Theoretical Foundations of Firm Internationalization


The definition of ‘internationalization’ according to Welch and Luostarinen (1988) is the process of business activities across home country borders with an increasing degree in operations8. While the term ‘international business activity’ implies the exchange of resources across national borders (Fayerweather, 1978), the ‘internationalization process’ is traditionally perceived as the consequence of incremental adjustments to changing conditions within the firm and its environment (Aharoni, 1966). Most significantly, Perlmutter (1969) already then acknowledged the conjunction of internationalization and attitudinal development within the firm, indicating the impact of the company expansion across borders on an organization.


Foreign Direct Investment Foreign Market Market Entry Young Firm Psychic Distance 
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  1. 8.
    The term internationalization is applied when referring to country, industry or firm-level issues (Dana et al., 2004). Globalization, on the other hand, is according to the World Trade Organization (WTO) only used on a country or industry level and describes the macroeconomic and cross-national continuous integration of the world economy.Google Scholar
  2. 10.
    Market entry strategies are largely discussed in the international management literature, however, the question of choosing a market to process is also a dominant topic in the international marketing literature (Meffert and Bolz, 1998).Google Scholar
  3. 11.
    For an insight into the role the foreign subsidiaries of international corporations can have on the technological development of the host country see Berger (2006).Google Scholar
  4. 12.
    Different classifications of risks in international business activity can be found in the literature. For empirical evidence on risks in the international competitive arena cf. Tan (1996) and Brouthers (1995).Google Scholar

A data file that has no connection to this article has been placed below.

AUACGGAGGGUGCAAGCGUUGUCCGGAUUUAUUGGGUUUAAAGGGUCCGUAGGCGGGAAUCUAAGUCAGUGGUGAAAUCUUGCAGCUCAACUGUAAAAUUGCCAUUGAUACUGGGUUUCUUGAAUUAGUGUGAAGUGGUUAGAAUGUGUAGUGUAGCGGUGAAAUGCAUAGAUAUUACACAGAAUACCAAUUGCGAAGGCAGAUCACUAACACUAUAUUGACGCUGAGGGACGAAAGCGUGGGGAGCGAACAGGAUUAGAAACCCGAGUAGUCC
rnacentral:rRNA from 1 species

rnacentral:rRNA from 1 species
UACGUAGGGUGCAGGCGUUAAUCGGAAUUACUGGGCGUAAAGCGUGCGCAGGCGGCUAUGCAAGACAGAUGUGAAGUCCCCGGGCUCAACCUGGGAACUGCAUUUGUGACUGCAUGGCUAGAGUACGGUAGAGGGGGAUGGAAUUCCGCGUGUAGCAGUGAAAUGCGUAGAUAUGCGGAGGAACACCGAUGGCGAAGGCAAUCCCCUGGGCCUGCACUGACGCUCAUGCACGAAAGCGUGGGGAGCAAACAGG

5. 14.
    A foreign direct investment is an “investment by one firm in another with the intention of gaining a degree of control over that firm’s operation” (Dicken, 2003, p. 51).Google Scholar
  6. 15.
    For a deeper insight into the environmental influencing factors, especially the micro-and macroeconomic environment of internationalization decisions cf. Dülfer (2001) and chapter 2.1.1.Google Scholar
  7. 16.
    For a recent study on the knowledge transfer between international joint venture or alliance partners see Klijn (2006).Google Scholar
  8. 19.
    For an overview and the development of the theories applied to the international entrepreneurship field consult Dana et al. (2004).Google Scholar
  9. 21.
    Meckl and Schramm (2005, p. 15) suggest that transaction cost economics and the Uppsala model of internationalisation are the two most influential schools of internationalisation.Google Scholar
  10. 27.
    For a comprehensive literature review and discussion of the process models see Leonidou and Katsikeas (1996) and Ellis and Pecotich (1998).Google Scholar
  11. 28.
    In addition, the incremental internationalization approach was also taken up in the diversification literature (Chandler, 1986; Vernon, 1979).Google Scholar
  12. 29.
    The terms local, national, international, multinational and global were defined by Perlmutter (1969) and refer to the breadth of the geographic dispersion of an firm.Google Scholar
  13. 31.
    E-Ventures are believed to be similar to service firms in their internationalization behavior because of mutual product and firm characteristics (Ekeledo and Sivakumar, 2004).Google Scholar
  14. 32.
    The term ‘marketspace’ was coined by Negroponte (1995); cf. introductory remarks.Google Scholar
  15. 33.
    According to Miesenbock (1988, p. 173) it is the most prominent model because it has since received widespread attention in the literature. For example, Cavusgil (1980, 1982) also bases his model on increasing export activities, and on a push mechanism from the external environment.Google Scholar

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